(A) Immunostaining of two-month-old control mouse initial segment (IS) shows expression of Estrogen receptor 1 (ESR1) only in the narrow cells (indicated by arrows) while (B) the Dicer1fl/fl; Defb41iCre/wt mouse has ESR1 expression in most cells of the epithelium. (C, D) Staining for Androgen receptor. (D) Androgen receptor expression varied between Dicer1fl/fl; Defb41iCre/wt mice epididymides. Some samples had similar expression levels as the control while others showed areas of more weakly stained tissue. CAP, caput. Scale bars 100 µm. (E) Expression of androgen receptor (Ar) and estrogen receptor 1 and 2 (Esr1 and Esr2) as well as (F) AR target gene: glutathione peroxidase 5 (Gpx5), lipocalin 5 (Lcn5), cysteine-rich secretory protein 1 (Crisp1) mRNA in IS and CAP of 2 month-old control and Dicer1 conditional knock-out (cKO) mice epididymides. Expression values relative to L19 expression. Statistical significance was calculated from the expression levels of 3 control and 4 Dicer1fl/fl; Defb41iCre/wt mouse samples using the unpaired t-test. Statistical significance of changes is indicated as follows: ns, not significant; *, P≤0.05; ***, P≤0.001.
At birth, the epididymis consists of a long convoluted duct lacking both cell type and segment specific markers. In the mouse epididymis, differentiation of the epithelial cell types takes place between day 14 and day 21  after which segment-specific gene expression can be observed . Nonetheless, very little is known about the regulatory pathways responsible for the epididymal segmentation and the differentiation of epithelial cell types. In this study, we demonstrate that post-transcriptional regulation via RNAi signaling is an important regulator in the development of the proximal epididymal segments.
In our Dicer1fl/fl; Defb41iCre/wt mouse model the ablation of Dicer1 begins 12 days pp but, at the time of the final cell type differentiation during puberty, the epididymal epithelium of Dicer1fl/fl; Defb41iCre/wt mice still resembles that of control mice. Studies revealed a significant reduction in the expression of IS specific genes at 21 days pp, and about 2 weeks later, the epithelium began to regress. At 45 days of age, the Dicer1 KO IS morphologically resembled that of an undifferentiated pre-pubertal epididymis. Despite the morphological changes, Dicer1 ablation did not affect cell type differentiation as all major epithelial cell types were detected in the epididymides of 2 month-old Dicer1fl/fl; Defb41iCre/wt mice. However, the function of the principal cells was compromised as they displayed a significant reduction in segment specific gene expression.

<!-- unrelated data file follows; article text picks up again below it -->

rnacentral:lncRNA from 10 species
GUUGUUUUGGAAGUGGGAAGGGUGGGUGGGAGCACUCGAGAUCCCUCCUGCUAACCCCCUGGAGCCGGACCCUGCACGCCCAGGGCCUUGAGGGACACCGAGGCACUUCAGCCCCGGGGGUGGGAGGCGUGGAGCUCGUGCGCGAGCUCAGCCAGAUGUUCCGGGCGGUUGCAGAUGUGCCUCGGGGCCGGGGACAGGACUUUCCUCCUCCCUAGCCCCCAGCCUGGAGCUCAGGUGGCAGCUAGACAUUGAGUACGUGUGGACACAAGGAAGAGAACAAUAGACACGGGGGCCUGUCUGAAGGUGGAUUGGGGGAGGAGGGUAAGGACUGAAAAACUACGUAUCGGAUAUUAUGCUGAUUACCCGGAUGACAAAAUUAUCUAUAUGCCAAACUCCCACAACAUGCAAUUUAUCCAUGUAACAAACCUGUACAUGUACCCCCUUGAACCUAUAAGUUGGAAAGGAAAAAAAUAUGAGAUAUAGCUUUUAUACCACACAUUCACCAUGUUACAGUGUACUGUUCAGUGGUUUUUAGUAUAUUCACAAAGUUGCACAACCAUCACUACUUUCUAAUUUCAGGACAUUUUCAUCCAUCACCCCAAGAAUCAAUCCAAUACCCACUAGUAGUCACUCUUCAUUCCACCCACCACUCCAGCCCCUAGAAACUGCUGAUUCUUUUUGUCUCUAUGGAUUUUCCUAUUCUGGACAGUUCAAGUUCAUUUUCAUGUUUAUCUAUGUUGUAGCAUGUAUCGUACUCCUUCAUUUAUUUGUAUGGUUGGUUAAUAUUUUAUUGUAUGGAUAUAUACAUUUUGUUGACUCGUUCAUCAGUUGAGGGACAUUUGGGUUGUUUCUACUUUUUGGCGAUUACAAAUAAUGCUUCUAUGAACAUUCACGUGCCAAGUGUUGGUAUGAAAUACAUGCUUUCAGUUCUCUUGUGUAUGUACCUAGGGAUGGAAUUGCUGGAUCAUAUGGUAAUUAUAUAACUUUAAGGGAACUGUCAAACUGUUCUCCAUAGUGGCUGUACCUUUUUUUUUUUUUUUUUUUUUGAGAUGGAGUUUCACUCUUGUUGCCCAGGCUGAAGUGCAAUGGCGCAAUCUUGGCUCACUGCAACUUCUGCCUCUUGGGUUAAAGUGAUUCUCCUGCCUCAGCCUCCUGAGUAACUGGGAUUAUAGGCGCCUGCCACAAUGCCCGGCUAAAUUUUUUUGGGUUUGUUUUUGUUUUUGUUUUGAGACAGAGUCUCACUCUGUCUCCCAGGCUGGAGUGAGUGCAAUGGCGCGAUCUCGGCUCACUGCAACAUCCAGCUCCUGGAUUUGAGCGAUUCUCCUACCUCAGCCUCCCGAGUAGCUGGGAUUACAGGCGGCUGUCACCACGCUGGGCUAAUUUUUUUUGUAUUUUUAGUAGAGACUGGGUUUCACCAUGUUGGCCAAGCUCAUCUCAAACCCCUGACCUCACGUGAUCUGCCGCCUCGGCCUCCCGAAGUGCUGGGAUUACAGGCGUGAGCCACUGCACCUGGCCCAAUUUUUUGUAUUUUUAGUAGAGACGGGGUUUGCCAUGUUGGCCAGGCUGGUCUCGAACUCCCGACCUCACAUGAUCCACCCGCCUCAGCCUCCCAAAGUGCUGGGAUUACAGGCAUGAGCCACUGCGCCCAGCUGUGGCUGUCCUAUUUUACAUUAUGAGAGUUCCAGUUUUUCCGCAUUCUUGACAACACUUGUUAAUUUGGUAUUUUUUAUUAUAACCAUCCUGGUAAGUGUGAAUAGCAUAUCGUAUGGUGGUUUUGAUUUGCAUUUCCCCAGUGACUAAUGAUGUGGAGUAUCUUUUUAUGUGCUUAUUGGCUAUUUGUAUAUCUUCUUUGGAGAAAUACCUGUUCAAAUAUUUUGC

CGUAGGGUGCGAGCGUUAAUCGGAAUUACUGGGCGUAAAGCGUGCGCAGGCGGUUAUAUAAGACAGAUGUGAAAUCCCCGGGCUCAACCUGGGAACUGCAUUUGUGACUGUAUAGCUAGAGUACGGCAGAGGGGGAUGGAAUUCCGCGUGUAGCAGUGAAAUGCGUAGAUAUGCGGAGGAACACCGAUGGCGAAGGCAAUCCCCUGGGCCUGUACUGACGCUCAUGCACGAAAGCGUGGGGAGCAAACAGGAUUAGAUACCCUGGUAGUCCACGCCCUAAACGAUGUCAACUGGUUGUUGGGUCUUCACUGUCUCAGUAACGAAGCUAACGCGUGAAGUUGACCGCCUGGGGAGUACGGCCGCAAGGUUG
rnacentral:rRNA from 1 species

When studying the different epithelial cell types, we detected a thicker layer of smooth muscle cells surrounding the duct of the Dicer1fl/fl; Defb41iCre/wt mouse epididymis. As Dicer1 ablation is not likely to occur in the stromal tissue, the observed increase in smooth muscle cell number may indicate altered epithelial-mesenchymal signaling. It has previously been shown that cross talk between different cell types is essential for normal epididymal functions, and for example the communication between clear cells and other epithelial cell types is required to maintain luminal pH . Interestingly, there are species-specific differences in thickness and distribution of the epididymal smooth muscle cell layer –. Further investigations regarding smooth muscle cell differentiation could thus benefit from comparative studies of different species.
Previous studies have shown that ROS1 is one of the master regulators of IS development, as the lack of both ROS1 and its negative regulator, protein tyrosine phosphatase SHP-1, causes a defect in IS differentiation , . This affects also the regulation of sperm volume as the majority of sperm from the Ros1 KO CAU present with angulated tails . However, Dicer1 cKO IS still has ∼70% of the Ros1 expression of the control IS and the dedifferentiated IS does not cause a significant increase in sperm tail angulation. Furthermore, males with one intact Ros1 allele have normal epididymal development . These data indicate that the epididymal phenotype, observed in the present study, is independent of ROS1 signaling. Other proteins that have a regulative role in IS are the Fibroblast growth factors. They control gene expression by binding to FGFRs in the epithelium of IS , . Studies in other male reproductive organs also indicate a role for FGFRs in regulating stromal-epithelial induction of cell proliferation and tissue homeostasis . To assess the effect of FGF signaling on the observed epididymal phenotype, we studied the expression of Fgfrs in the epididymis. However, no changes were observed and it is therefore unlikely that FGF signaling contributes to the dedifferentiation of the epithelium or to the increased smooth muscle cell layer thickness of the Dicer1fl/fl; Defb41iCre/wt mice.